No-one was surprised Theresa May met with the Saudi prince. They are by his other get-together.

Crown-Prince-Mohammed-bin-Salman
James Aitchison

The UK government has received plenty of criticism for rolling out the red carpet for Saudi Arabia’s crown prince Mohammed bin Salman. The country’s terrible history on human rights has been well documented. But the government has pushed forward with another arms deal, to provide Saudi Arabia with British-made fighter jets, regardless.

The UK government, however, wasn’t the only stop-off on bin Salman’s trip.

A shocking sight

The crown prince also met with the Archbishop of Canterbury Justin Welby. And Twitter users were having none of it. One barely bats an eye when the Conservative government meets with leaders of oppressive regimes, but people found the highest representative of the Anglican church doing so particularly galling. HSBC whistleblower Nicholas Wilson noted the meeting with the following tweet:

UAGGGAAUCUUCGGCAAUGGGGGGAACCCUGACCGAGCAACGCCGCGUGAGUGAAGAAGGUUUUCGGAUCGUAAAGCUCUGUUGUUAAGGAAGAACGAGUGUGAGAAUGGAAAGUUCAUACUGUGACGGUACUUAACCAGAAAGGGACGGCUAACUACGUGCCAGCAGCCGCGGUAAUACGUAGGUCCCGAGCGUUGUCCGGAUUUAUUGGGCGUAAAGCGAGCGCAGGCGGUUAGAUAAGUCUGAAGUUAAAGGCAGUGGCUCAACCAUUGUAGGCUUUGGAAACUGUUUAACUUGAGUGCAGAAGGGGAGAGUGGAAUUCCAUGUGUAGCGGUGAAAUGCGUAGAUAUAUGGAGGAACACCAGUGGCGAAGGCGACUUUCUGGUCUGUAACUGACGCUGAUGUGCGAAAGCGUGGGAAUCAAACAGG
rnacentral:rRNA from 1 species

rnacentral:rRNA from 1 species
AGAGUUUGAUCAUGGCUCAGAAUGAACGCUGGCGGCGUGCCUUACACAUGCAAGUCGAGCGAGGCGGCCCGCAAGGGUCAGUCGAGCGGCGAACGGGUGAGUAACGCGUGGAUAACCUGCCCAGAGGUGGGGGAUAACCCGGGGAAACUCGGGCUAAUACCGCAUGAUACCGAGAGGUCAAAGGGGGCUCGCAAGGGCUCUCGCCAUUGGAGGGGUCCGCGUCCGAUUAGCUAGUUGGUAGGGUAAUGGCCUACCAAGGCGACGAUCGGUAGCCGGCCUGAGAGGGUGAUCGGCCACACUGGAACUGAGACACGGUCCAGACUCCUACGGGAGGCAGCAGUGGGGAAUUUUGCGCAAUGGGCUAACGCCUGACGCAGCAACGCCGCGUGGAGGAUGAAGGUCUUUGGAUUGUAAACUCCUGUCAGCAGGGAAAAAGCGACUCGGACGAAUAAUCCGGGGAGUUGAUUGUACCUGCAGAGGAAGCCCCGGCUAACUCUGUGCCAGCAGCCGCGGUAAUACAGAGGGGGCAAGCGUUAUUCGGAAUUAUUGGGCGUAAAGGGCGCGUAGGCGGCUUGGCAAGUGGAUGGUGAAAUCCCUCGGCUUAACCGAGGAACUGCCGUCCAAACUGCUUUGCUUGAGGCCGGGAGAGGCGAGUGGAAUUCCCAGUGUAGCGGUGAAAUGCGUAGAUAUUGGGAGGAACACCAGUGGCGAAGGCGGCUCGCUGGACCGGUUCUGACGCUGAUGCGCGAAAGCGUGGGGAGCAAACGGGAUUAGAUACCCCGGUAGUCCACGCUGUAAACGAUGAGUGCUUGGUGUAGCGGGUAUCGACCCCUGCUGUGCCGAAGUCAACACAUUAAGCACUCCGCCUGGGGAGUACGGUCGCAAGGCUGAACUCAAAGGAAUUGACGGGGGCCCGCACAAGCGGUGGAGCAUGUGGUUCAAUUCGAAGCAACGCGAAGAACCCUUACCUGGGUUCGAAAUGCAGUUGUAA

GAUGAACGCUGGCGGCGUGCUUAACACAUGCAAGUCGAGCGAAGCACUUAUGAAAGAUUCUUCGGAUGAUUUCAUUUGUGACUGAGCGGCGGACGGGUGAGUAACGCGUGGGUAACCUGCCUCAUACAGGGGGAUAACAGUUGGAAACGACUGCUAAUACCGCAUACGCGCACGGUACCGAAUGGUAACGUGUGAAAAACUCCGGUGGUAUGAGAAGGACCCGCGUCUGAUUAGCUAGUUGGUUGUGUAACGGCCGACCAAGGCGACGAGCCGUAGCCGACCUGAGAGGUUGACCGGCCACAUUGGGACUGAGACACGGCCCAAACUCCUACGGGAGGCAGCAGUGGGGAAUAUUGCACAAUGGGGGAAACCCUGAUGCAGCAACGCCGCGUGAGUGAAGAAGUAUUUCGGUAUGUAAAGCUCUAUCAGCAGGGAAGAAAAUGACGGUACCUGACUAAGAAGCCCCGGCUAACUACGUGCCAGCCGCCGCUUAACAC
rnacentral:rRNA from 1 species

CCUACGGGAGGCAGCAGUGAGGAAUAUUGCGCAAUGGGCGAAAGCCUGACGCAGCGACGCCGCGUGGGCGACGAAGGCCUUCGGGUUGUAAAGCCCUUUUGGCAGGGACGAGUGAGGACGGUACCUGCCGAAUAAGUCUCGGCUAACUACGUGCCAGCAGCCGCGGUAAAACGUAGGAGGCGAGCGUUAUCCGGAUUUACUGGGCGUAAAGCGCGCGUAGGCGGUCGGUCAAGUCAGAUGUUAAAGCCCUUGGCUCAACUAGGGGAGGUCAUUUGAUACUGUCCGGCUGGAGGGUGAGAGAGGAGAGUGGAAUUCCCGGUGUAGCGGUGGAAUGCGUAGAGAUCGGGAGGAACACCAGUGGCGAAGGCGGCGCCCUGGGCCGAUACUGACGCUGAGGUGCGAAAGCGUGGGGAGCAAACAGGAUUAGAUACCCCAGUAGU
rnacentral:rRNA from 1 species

What would Jesus do?

Groups like Amnesty International hoped that Welby would use the event as an opportunity to raise awareness about human rights in the region. But others claimed it reflected badly on Welby, in light of Saudi Arabia’s suppression of dissent and continued military action in Yemen. The response was quick and damning.

Others pointed out that before he was appointed Archbishop of Canterbury, Justin Welby worked for an oil firm, Elf Aquitaine, a company that faced allegations about human rights abuses.

A missed opportunity

By refusing to meet with the crown prince, the head of the Anglican church could have sent a very clear message. Sadly, Welby played right into the PR offensive and further legitimised the Saudi Arabian government  But at least we managed to offload a few more fighter jets, not that Jesus would probably have approved.

Get Involved!

– Support the Stop the War coalition, CAATPPU, the Arab Organisation of Human RightsGlobal Justice Now, and all the groups opposing this state visit.

– Join The Canary, so we can keep holding the powerful to account.

Featured images via  James N. Mattis/Flickr

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